Peter Robinson: We provide the power, we provide the overarching, the nuclear defense of Europe. To this day, we have tens of thousands of American troops stationed in Europe, and everybody at this table says we create the bubble within which the European experiment can go forward. Why then, this feeling that the Europeans are somehow resentful? Where's the gratitude, why do they wish to pull away? I don't understand the psychology.

John O'Sullivan: Well, there's even less gratitude in international politics than there is in every politics. And of course, the French in particular, have resented the fact that their leading role in western civilization has been replaced by the Anglo-Americans. The Germans are coming for the first time to a realization that they can now begin to act like a power on their own, rather than having to continually apologize for the past. And the East Europeans have only just returned to European history from a long period in the gulag. So you must expect all sorts of different attitudes. In general, I think the Europeans, at a popular level, are grateful to the Americans. But of course, with gratitude comes resentment.

Richard Falk: But don't you think, John, that's also a question of real disagreement? That there is this sense that the United States is endangering what might be a more desirable development of international politics by the way in which it's pursuing its foreign policy? And that its post September 11th strategy has exaggerated the security threat posed by the attacks?

Peter Robinson: One last point on this question of psychology. Irving Kristol has written--wrote--began writing in the late Eighties and wrote through the early Nineties pieces saying roughly this notion of no good deed goes unpunished. Europe is big and it's rich and it is very much in Europe's interest to defend itself. And if we continue to maintain--to pick up the bill, so to speak, for all of European defense, to have tens of thousands of Americans stationed in Europe, what we're going to get is resentment and envy and friction. So start bringing them home. Let me just ask you, would things have been better today, would relationships have been better between the United States and Europe, if we'd started doing that in 1984 and 1985?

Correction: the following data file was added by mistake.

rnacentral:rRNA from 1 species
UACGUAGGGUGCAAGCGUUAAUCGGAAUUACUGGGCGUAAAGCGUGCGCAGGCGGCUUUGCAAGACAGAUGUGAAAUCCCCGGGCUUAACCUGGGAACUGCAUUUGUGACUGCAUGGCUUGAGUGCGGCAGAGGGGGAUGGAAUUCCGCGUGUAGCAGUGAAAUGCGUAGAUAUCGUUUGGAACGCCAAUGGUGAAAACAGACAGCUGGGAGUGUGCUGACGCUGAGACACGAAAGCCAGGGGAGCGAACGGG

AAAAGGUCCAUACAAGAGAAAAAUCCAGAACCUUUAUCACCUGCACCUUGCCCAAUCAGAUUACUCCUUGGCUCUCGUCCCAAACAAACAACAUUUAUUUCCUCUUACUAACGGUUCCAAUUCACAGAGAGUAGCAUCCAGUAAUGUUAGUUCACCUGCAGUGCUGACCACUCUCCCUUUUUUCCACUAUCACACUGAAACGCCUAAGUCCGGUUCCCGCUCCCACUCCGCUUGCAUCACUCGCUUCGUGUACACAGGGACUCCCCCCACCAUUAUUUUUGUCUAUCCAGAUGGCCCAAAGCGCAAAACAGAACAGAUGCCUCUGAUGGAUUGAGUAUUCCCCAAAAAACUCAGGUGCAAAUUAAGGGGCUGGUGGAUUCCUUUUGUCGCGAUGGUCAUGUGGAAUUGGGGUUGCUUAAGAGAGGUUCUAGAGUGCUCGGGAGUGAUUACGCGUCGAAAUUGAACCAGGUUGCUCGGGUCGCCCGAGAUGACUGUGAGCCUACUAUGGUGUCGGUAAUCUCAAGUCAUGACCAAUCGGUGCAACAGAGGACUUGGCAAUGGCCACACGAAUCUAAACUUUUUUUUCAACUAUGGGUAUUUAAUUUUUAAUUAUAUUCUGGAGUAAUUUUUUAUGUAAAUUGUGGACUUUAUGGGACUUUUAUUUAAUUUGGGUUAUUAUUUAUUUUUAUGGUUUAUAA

Coit Blacker: No.

Peter Robinson: No, you don't buy it for a moment.

Coit Blacker: I think that's profoundly wrong.

Peter Robinson: Why?

Coit Blacker: Would we be better off? Would the West be better off if Europe had the capability to defend itself on its own? And the answer is no. Because it is the presence of American power in Europe which anchors the two continents and allows everyone in a position of leadership in Europe, with the possible exception of the French to wake up every morning with a high degree of confidence that tomorrow's going to look pretty much like today. If you remove that, if you bring the troops home, if you break the bond, yes Europe, in that sense, will have to find its own way.

John O'Sullivan: What's neglected so far in the discussion is that there are some people engaged in what you might call nation building in Europe. They want to build a European nation. And in an attempt to do so, against widespread popular opposition, which you see now in electoral politics, they are attempting to use the United States as a sort of quote, "the Other." The potential enemy. The force against we must measure ourselves. In order to justify our building up a power equal to the United States, so that we can play the same kind of role in world politics, and don't have to follow the American line, and so on. And, in the sense that is a fair degree of anti-Americanism generated quite consciously as part of that nation building exercise by those who want to build a European nation.

Peter Robinson: And what should we do about it?

John O'Sullivan: We should not encourage that nation building, which at the moment, is, as it has been, American policy to encourage, since nineteen--certainly since the early Fifties, what we should now do is it seems to me take a much more critical, skeptical, and instrumental view, and encourage closer bilateral relations with people in Europe. Encourage those European countries which tend to be on our side, and try to place obstacles in the way of ideas like a European defense force.

Peter Robinson: Richard?

Richard Falk: If we believe in democracy for others…

Peter Robinson: Right.

Richard Falk: …then we should respect what Europe at the grass root level seeks. And if they seek more unity, I don't think it's up to the United States, or up to Washington to try to obstruct that process.

Peter Robinson: But we ought to be in favor of more referenda then, more voting…